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STS-96: First ISS docking

The first shuttle mission to dock with the fledgling International Space Station came in May 1999 when Discovery linked up with the two-module orbiting outpost. The STS-96 crew tells story of the mission.

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STS-88: Building the ISS

Construction of the International Space Station commenced with Russia's Zarya module launching aboard a Proton rocket and shuttle Endeavour bringing up the American Unity connecting hub. STS-88 crew narrates highlights from the historic first steps in building the outpost.

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STS-74: Adding to Mir

The second American shuttle flight to dock with the space station Mir brought a new module to the Russian outpost. The astronauts narrate highlights from the Nov. 1995 mission.

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STS-73: Microgravity lab

The STS-73 mission in 1995 marked two weeks in space for shuttle Columbia and the second trip for the U.S. Microgravity Lab.


STS-55: German lab 2

The international crew of STS-55 narrates the highlights from the second German flight of Spacelab.


STS-43: Building TDRSS

The STS-43 crew narrates the highlights of its mission to expand NASA's Tracking and Data Relay Satellite System.


Delta 2 launches GPS

A Delta 2 rocket lifts off Dec. 20 from Cape Canaveral carrying the GPS 2R-18 navigation satellite for the Global Positioning System.

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35 years ago: Apollo 17

Apollo's final lunar voyage is relived in this movie. The film depicts the highlights of Apollo 17's journey to Taurus-Littrow and looks to the future Skylab, Apollo-Soyuz and shuttle programs.


Harmony's big move

The station's new Harmony module is detached from the Unity hub and moved to its permanent location on the Destiny lab.


Delta 4-Heavy launch

The first operational Delta 4-Heavy rocket launches the final Defense Support Program missile warning satellite for the Air Force.

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Weird object may be result of colliding protoplanets
Posted: January 10, 2008

Something bizarre orbiting a young, failed star 170 light-years from Earth may be the progeny of two protoplanets that collided and merged, astronomers announced at the American Astronomical Society meeting in Austin, Texas.

Given its hotter-than-expected temperature, dim luminosity, young age and location, the orbiting object, known as 2M1207B, should be a physical impossibility, scientists say.

"This is a strange enough object that it needs a strange explanation," Eric Mamajek of the Harvard-Smithsonian Center for Astrophysics said.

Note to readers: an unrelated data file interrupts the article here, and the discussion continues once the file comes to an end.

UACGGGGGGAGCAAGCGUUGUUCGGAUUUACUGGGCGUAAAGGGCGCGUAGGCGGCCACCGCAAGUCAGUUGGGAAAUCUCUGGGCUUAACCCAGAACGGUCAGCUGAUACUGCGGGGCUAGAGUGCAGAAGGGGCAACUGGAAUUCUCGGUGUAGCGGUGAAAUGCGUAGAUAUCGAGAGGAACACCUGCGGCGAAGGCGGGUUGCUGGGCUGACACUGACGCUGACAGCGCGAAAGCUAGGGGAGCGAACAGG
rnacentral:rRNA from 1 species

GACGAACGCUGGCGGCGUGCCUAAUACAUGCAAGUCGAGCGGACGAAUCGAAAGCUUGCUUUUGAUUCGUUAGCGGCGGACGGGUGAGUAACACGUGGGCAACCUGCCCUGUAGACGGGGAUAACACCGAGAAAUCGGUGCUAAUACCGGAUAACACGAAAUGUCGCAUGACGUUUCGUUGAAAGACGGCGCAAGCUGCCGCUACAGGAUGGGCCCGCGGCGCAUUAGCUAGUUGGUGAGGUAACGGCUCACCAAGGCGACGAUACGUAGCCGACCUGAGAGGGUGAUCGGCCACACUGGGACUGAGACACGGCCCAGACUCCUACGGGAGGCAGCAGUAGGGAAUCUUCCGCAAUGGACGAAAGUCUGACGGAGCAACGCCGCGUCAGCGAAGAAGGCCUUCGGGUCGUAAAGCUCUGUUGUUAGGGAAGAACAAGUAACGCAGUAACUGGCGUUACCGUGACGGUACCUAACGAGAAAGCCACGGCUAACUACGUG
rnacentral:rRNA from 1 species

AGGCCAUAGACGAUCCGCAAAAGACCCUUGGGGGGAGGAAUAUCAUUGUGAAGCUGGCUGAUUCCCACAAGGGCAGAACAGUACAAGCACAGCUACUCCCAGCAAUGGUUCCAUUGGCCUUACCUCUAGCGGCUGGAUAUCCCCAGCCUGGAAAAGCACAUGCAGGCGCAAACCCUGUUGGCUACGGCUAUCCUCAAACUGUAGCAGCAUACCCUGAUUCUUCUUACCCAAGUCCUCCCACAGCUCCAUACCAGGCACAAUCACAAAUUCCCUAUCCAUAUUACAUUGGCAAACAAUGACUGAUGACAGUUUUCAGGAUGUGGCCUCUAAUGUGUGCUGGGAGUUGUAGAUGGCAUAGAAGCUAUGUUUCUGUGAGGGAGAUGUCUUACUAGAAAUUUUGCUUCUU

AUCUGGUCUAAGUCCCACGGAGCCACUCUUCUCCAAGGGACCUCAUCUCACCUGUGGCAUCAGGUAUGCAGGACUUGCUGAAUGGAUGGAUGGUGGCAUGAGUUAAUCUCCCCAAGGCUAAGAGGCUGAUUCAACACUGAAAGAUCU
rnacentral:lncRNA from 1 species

Mamajek and Michael Meyer of The University of Arizona propose that the object orbiting brown dwarf 2M1207A is small, about the size of Saturn. The "brown dwarf," or failed star, in the system is believed to be 25 times as massive as Jupiter and only about eight million years old.

The brown dwarf might be the outcome of a collision between a Saturn-sized gas giant and a planet about three times the size of Earth, Mamajek and Meyer suggest. The two smacked into each other and fused, forming one larger world still boiling from the heat generated in the titanic collision.

"Most, if not all, planets in our solar system were hit early in their history," Mamajek said. "A collision created Earth's moon and knocked Uranus on its side. It's quite likely that major collisions happen in other young planetary systems, too."

"The Earth was hit by something one-tenth its mass, and it's likely that other planets in our solar system were, too, including Venus and Uranus," Meyer said. "If that one-tenth scale holds in other planetary systems, then we could be seeing the aftermath of a collision between a 72 Earth-mass gas giant and an eight Earth-mass planet."

The collision theory is reasonable from a timescale point of view, Mamajek said. A 2400-degree Fahrenheit, Saturn-sized object would radiate its heat away over about 100,000 years. If the system were billions of years old, it is unlikely that astronomers would be looking at the right time, but because the system is only eight million years old, chances are much better that they would catch it shortly after the collision, when they could still see the hot aftermath.

The collision hypothesis makes several predictions that astronomers can test. Chief among them is a low surface gravity, which depends on a planet's mass and radius. To check this prediction, astronomers will need to get a better spectrum of 2M1207B. That's challenging because the object is very faint and very close to the brown dwarf 2M1207A.

Mamajek emphasized that while a planet collision may not be the correct explanation for the weirdness of 2M1207B, examples of colliding planets are likely to be found by the next generation of ground-based telescopes.

"Hot, post-collision planets might be a whole new class of objects we will see with the Giant Magellan Telescope."

Harvard and UA are members of an international consortium building the Giant Magellan Telescope, which is slated for completion in 2016 at a site in northern Chile. It will be composed of seven 8.4-meter primary mirrors arranged in a hexagonal pattern, giving it 4.5 times the collecting area of any current optical telescope. The UA Steward Observatory Mirror Lab cast the first GMT mirror in 2005.

"Even if we're wrong, I wouldn't be surprised if someone finds a clear-cut case in the next 10 years," Mamajek added.